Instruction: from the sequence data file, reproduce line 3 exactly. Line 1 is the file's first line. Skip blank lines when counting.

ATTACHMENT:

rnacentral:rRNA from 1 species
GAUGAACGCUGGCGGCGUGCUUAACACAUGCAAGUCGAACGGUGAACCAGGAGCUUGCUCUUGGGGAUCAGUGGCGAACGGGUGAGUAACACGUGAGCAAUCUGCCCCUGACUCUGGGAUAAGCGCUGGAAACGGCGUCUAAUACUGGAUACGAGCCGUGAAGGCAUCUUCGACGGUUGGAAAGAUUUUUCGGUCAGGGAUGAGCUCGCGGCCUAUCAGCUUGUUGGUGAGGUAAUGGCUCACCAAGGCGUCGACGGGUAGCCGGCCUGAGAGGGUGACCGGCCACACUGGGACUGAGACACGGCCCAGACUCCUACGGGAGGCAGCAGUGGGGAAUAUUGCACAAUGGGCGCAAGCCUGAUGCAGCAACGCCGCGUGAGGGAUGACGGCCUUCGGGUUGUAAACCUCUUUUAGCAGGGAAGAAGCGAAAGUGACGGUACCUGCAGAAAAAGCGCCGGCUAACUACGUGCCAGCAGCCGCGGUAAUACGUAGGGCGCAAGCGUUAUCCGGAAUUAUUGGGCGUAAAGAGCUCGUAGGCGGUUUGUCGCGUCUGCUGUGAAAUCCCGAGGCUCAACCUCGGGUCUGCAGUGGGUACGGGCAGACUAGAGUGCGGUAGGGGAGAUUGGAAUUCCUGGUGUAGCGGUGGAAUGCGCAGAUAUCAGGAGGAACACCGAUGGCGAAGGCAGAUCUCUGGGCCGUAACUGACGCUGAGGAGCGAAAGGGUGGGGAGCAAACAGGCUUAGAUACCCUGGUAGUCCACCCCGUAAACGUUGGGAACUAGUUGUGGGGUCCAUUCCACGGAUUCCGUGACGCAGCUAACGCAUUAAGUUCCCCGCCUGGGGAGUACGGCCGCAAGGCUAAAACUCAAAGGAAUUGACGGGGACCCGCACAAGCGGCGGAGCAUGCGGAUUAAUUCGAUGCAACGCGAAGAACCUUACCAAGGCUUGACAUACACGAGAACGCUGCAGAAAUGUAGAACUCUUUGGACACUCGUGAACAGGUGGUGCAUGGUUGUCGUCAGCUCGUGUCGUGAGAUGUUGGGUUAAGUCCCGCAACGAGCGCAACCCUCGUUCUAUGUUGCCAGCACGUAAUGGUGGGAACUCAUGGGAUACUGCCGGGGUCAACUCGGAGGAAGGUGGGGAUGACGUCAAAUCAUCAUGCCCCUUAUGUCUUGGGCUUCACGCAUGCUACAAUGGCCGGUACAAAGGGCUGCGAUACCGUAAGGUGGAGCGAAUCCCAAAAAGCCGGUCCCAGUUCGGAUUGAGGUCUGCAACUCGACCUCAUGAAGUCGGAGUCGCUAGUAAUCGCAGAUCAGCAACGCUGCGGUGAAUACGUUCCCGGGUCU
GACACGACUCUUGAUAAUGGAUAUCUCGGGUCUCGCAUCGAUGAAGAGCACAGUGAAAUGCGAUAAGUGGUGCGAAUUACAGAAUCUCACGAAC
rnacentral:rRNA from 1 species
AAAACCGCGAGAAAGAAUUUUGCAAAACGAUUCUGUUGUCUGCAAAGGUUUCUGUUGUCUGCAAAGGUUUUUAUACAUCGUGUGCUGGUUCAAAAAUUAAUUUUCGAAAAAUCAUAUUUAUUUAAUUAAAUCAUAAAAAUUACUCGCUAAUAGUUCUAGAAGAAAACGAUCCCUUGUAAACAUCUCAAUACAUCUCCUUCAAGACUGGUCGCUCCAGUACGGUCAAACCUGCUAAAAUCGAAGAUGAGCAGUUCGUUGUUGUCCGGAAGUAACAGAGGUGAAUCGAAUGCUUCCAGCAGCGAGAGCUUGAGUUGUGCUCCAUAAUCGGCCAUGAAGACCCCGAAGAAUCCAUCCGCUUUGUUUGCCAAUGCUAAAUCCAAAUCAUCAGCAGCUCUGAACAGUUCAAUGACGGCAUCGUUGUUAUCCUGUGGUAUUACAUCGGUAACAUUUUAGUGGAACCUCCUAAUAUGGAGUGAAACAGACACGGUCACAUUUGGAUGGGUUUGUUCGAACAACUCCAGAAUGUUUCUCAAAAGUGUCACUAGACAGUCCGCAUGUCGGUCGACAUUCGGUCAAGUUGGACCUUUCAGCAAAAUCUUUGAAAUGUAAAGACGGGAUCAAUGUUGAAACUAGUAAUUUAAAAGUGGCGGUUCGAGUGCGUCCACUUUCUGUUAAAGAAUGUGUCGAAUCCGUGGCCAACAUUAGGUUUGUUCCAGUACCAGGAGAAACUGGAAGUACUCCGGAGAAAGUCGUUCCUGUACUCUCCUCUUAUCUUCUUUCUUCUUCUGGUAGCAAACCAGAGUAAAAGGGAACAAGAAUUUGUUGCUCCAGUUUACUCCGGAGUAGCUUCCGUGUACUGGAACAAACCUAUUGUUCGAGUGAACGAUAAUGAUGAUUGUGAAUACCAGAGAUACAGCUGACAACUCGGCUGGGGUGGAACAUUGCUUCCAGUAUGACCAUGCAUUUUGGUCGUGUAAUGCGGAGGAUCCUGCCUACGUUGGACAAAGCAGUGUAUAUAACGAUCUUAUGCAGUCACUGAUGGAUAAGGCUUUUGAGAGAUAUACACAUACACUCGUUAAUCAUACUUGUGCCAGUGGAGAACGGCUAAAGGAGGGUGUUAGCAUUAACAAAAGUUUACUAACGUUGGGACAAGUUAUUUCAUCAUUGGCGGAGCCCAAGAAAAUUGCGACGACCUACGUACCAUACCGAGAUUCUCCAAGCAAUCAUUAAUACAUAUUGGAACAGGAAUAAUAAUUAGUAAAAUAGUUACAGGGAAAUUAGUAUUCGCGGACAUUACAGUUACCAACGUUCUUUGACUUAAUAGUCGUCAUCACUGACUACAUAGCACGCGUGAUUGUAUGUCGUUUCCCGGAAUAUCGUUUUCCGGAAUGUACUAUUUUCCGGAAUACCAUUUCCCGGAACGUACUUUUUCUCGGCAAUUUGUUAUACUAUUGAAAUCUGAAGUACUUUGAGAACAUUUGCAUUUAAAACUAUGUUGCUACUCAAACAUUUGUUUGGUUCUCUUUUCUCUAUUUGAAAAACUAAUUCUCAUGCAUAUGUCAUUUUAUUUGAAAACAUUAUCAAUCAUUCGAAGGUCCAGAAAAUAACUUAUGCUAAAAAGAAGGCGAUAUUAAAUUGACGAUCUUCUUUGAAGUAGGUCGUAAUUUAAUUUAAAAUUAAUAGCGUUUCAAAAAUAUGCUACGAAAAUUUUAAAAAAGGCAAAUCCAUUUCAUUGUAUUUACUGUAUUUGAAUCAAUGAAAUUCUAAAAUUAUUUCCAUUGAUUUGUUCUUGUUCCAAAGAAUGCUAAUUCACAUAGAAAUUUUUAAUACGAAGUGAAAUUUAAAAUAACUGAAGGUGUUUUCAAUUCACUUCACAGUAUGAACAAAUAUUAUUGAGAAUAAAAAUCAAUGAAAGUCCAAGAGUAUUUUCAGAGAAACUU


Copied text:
GACACGACUCUUGAUAAUGGAUAUCUCGGGUCUCGCAUCGAUGAAGAGCACAGUGAAAUGCGAUAAGUGGUGCGAAUUACAGAAUCUCACGAAC